Washington Nationals: Predicting the 26 man roster

A look at what the Washington National’s 26 man roster can look like come March 26.

Spring Training is in full swing and full of storylines. For the Nationals, position battles for third base, the fifth starter, and bench spots rage on. At the halfway mark of Spring Training, here is our prediction for the Nationals opening day 26 man roster.

Starters

Projected: Max Scherzer, Stephen Strasburg, Patrick Corbin, Anibal Sanchez, Joe Ross

The Nationals return the best pitching staff in the league, led by three-time Cy Young winner Max Scherzer, and 2019 World Series MVP Stephen Strasburg. Patrick Corbin had an excellent 2019 season, that was overshadowed by his teammates. Anibal Sanchez started off 2019 slow due to injury, before his vintage self showed up.

As it stands now, the fifth spot in the rotation is Joe Ross’s to lose. He has had an impressive Spring, be it in a small sample size. In five innings he’s given up no runs, one hit, a walk, and struck out two. Health has been the biggest issue with Ross, and he looks to be back to 100%.

First base

Projected: Ryan Zimmerman, Eric Thames

The longtime face of the franchise re-signed on a one year deal to continue his legacy. He will be joined by slugger Eric Thames to form a powerful tandem. Thames will get the start against righties, while Zimmerman will get the nod when a lefty is on the mound. This makes sense as last season against righties, Thames hit .254, with 23 of his 25 homers, and had an OPS of .877. Zimmerman roasted lefties last year to a batting average of .357, and an OPS of .966. This platoon will allow Zimmerman to rest and not risk his body falling apart. Howie Kendrick can also fill in at first if either goes down with an injury.

Second Base

Projected: Starlin Castro, Howie Kendrick

Washington signed Castro in the off-season to a two-year contract while also re-signing Howie Kendrick to a one year deal. These short term contracts will help lock down second until the Nats top prospects of Luis Garica and Carter Kieboom are ready to take over. Platooning Kendrick and Castro will allow the former to stay rested

Short Stop

Projected: Trea Turner

This was a no brainer. Turner has the position locked down for the foreseeable future. Don’t be surprised if the 27-year-old hit’s third next year in the lineup. Juan Soto will need protection in the lineup, and Turner has sneaky pop. Now that his hand is fully healthy, look to Turner once again being a demon on the basepaths.

Third Base

Projected: Asdrubal Cabrera

Carter Kieboom should start the season in the minors in order to improve his defense at third. After all, he is a natural shortstop attempting to learn a new position from scratch. Cabrera had a career resurgence last season after joining the Nats in August. In 38 games with the Nats, he hit .323, with six bombs, and 40 RBI’s. While it is unlikely he continues that level of success, he will be a reliable option. Cabrera was brought back to help bridge the gap at third till Kieboom is ready. Expect the veteran to hold it down until Kieboom gets called up.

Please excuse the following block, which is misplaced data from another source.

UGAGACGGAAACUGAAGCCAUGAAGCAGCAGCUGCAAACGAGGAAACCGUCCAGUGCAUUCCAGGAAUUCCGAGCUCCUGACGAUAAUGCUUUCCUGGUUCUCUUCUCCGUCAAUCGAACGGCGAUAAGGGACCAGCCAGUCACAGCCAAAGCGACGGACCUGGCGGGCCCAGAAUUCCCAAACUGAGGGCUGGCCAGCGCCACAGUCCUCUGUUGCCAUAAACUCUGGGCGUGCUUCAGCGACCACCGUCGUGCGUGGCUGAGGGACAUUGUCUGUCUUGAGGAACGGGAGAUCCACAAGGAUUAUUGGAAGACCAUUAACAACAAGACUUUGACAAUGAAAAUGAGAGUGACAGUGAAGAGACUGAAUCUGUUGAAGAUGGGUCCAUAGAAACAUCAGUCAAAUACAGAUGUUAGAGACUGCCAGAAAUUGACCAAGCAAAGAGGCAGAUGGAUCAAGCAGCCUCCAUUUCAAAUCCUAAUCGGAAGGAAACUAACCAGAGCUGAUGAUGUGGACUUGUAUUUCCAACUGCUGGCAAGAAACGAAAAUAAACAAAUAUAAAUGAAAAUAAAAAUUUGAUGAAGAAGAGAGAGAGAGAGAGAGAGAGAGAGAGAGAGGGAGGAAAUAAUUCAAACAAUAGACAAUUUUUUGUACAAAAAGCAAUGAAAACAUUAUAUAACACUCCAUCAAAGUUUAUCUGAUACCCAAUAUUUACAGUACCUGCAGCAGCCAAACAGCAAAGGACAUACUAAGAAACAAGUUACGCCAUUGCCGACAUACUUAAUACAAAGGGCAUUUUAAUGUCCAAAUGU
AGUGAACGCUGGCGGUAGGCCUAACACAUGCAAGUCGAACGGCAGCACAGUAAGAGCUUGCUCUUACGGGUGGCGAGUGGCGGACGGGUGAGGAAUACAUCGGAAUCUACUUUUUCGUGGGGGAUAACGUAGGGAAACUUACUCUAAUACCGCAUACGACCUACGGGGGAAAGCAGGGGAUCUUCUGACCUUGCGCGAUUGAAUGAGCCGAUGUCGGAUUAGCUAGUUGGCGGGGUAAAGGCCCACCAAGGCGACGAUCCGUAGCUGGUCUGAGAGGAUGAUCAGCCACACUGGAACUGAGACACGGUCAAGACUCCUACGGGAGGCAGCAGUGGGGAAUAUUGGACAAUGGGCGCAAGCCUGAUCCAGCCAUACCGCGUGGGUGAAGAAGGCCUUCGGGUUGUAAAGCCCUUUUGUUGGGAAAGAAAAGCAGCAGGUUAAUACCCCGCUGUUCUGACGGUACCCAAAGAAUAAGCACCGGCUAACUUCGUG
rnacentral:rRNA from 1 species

Catcher

Projected: Kurt Suzuki, Yan Gomes

The 2019 tandem returns. Suzuki will catch the majority of the rotation, while Gomes will be Corbin’s primary catcher. Expect Gomes to have to bounce back offensively.

Outfield

Projected: Juan Soto, Victor Robles, Adam Eaton, Michael A. Taylor, Andrew Stevenson

Washington’s outfield is set as the entire group from 2019 returns. Michael A. Taylor currently has the nod for the fourth spot but, will be on a short leash. He was inconsistent last season, which led to him being demoted to the minors. However, he shined in the playoffs and stepped up when Robles missed time with an injury.  Speaking of the Robles, he had his ups and downs in 2019. He was inconsistent at the plate but, was one of the best defensive center fielders in the league. According to FanGraphs, he led all qualified Centerfielders in Defensive Runs Saved (DRS) and outfield assists (12). Soto needs no introduction and will be leaned on to carry the offense.

I choose Stevenson over adding another infielder or third catcher. The 25-year-old is having an impressive Spring. In 16 at-bats, he is hitting .313, with three RBI’s, and has an OPS of .825. Stevenson adds extra rest for the starters and is a great pinch-runner. His offense has been steadily improving and he deserves an opportunity to prove he belongs.

Bullpen

Projected: Sean Doolittle, Will Harris, Daniel Hudson, Wander Suero, Tanner Rainey, Hunter Stickland, Roenis Elias, Austin Voth

I predicted the Nats would run with eight relievers over an additional bench bat. Austin Voth gets the nod as the long reliever over Erick Fedde, due to the fact Fedde still has a minor-league option. In order to send Voth to the minors, he would have to make it through waivers. It is highly unlikely that this would happen.

Doolittle, Harris, and Hudson are the backbone of the bullpen. They will be handling the seventh, eighth, and ninth inning. With Hudson back, and Harris joining the club, there will be less pressure on Doolittle to carry the bullpen.

Rainey, Suero, Elias, and Strickland will be responsible for bridging the gap from the starter to the back-end of the bullpen. Rainey has the highest upside of the bunch. If he can lower his walks, then he will be another reliable option for manager Dave Martinez.

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